Wendy Hiller (1912-2003) b. Bramhall, Cheshire, England.
A bright shining star of British cinema, Wendy Hiller has made only around twenty films since her debut in the 1937 quota quickie Lancashire Lass, and the particular affection which she seems to inspire can be laid at the door of only three of these twenty: Anthony Asquith’s Pygmalion (1938), Gabriel Pascal’s Major Barbara (1941), and I Know Where I’m Going! (1945), directed by Michael Powell and Emeric Pressburger. What inspires the affection is an unmannered directness, a shyness, an aloofness from seduction, and an economy of performance which makes restraint seem like a positive value rather than an absence of passion. Her alert intelligence in I Know Where I’m Going! may be blown a little off course by romance, but she falls in love with dignity and retains a sense of herself.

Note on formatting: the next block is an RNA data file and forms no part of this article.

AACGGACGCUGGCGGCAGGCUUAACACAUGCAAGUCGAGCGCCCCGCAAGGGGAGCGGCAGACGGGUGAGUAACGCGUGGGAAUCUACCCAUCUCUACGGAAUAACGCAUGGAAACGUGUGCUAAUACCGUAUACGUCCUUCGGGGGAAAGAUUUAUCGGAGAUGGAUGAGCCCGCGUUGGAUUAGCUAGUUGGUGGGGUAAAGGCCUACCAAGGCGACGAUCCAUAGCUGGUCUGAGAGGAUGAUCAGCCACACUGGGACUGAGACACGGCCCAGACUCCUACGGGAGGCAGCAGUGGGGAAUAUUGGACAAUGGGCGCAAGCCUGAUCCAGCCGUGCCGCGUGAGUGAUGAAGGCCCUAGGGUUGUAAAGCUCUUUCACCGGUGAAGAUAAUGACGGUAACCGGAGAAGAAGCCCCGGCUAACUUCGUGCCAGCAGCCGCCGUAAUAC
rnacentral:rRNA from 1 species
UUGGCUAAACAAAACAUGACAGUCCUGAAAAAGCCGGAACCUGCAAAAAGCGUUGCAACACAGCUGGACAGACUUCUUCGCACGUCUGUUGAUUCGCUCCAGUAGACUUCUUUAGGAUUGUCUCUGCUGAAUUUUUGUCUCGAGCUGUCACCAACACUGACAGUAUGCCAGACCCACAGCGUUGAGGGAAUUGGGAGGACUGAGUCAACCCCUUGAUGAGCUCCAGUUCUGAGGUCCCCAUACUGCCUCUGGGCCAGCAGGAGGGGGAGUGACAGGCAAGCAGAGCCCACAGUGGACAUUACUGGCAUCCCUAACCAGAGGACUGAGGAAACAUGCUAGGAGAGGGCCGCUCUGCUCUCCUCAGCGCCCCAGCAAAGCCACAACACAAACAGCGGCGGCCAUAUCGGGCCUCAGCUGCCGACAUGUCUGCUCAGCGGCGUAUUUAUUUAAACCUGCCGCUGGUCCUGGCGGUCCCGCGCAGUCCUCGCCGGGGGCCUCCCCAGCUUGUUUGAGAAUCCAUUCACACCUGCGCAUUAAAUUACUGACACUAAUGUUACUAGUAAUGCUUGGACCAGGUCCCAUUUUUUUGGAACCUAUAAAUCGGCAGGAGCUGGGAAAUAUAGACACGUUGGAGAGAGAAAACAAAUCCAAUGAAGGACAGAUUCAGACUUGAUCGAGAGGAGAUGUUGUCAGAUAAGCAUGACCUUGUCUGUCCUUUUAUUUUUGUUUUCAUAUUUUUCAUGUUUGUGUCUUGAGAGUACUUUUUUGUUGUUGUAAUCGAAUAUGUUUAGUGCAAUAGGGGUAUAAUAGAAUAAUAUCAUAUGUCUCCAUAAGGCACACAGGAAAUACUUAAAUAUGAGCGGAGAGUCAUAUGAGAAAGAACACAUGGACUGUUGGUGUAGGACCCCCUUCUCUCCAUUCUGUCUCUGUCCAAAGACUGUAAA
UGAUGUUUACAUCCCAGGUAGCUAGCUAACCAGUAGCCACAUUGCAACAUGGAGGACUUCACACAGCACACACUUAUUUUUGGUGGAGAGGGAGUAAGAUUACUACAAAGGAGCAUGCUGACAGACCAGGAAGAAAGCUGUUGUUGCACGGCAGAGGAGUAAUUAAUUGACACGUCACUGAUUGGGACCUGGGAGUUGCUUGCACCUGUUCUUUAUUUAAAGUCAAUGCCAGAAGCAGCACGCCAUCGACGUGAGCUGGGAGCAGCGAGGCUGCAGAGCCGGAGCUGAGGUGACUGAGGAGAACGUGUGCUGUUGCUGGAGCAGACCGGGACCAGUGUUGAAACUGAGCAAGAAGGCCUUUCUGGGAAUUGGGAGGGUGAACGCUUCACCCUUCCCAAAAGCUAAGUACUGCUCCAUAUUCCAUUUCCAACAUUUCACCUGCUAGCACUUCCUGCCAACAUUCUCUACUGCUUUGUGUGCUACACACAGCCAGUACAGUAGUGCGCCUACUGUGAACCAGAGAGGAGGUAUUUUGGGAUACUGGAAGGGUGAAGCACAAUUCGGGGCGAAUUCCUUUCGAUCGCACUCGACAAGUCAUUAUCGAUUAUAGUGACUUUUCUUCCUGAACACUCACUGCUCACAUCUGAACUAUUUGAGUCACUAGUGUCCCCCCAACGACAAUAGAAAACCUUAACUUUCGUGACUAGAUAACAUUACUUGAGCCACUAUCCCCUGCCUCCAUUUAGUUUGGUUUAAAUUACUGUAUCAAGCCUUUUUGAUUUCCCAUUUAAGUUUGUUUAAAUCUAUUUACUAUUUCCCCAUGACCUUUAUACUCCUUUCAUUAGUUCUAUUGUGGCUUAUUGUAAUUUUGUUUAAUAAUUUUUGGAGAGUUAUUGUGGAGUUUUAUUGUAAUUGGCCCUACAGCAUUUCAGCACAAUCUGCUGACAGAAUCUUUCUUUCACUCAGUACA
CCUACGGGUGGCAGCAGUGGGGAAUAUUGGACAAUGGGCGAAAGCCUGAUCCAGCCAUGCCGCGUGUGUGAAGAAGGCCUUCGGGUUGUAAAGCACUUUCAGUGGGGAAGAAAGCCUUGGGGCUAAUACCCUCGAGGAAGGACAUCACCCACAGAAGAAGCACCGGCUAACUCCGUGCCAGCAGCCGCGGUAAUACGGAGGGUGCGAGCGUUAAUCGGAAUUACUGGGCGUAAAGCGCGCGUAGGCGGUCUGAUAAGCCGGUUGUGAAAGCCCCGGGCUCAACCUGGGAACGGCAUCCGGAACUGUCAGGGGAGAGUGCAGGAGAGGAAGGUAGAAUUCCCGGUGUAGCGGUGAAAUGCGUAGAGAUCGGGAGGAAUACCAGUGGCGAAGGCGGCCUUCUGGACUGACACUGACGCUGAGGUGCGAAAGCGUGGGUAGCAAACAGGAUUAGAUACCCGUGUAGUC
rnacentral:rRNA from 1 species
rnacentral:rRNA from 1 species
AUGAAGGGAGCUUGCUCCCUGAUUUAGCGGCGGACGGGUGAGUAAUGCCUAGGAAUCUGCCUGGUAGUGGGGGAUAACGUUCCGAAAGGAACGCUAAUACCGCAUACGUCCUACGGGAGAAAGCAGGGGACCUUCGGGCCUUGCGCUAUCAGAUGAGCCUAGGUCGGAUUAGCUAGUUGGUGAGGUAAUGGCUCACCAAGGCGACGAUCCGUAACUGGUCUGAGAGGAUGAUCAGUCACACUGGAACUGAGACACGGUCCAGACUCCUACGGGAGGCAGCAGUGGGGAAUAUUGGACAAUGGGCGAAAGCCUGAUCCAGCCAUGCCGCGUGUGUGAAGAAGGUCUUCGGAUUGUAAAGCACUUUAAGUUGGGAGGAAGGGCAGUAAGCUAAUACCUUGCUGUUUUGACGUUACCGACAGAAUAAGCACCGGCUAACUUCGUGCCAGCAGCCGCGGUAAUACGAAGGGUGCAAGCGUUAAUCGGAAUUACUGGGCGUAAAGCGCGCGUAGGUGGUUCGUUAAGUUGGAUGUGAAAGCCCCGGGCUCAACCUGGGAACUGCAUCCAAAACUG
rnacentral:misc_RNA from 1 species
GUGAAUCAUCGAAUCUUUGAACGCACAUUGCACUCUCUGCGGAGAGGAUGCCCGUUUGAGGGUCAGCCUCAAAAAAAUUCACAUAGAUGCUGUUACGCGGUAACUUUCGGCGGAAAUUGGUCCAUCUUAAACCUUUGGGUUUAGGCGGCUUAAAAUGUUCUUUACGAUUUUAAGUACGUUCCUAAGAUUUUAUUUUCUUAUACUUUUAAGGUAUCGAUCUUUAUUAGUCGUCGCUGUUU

After 1945 much of her work was in theatre, and though she won an Oscar for her supporting role in Separate Tables (1958), and was memorable as Gertrude Morel opposite Trevor Howard in Sons and Lovers (1960), her appearances in film were intermittent and succumbed to the ‘British disease’ of anthology casting: Murder on the Orient Express (1974), Voyage of the Damned (1976). The Elephant Man (1980) and The Lonely Passion of Judith Hearne (1987) offered her small but rewarding parts, and television gave her some excellent roles perhaps most notably as the steely matriarch of Trevor Griffiths’ Country (1981).